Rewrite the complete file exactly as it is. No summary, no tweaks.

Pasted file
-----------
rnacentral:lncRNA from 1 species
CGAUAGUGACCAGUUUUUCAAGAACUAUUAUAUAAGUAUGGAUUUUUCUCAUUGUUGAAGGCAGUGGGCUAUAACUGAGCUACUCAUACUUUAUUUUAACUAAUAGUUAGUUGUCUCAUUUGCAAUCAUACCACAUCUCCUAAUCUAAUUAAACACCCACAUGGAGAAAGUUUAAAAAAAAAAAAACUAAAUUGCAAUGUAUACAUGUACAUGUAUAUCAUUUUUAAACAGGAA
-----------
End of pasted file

rnacentral:lncRNA from 1 species
CGAUAGUGACCAGUUUUUCAAGAACUAUUAUAUAAGUAUGGAUUUUUCUCAUUGUUGAAGGCAGUGGGCUAUAACUGAGCUACUCAUACUUUAUUUUAACUAAUAGUUAGUUGUCUCAUUUGCAAUCAUACCACAUCUCCUAAUCUAAUUAAACACCCACAUGGAGAAAGUUUAAAAAAAAAAAAACUAAAUUGCAAUGUAUACAUGUACAUGUAUAUCAUUUUUAAACAGGAA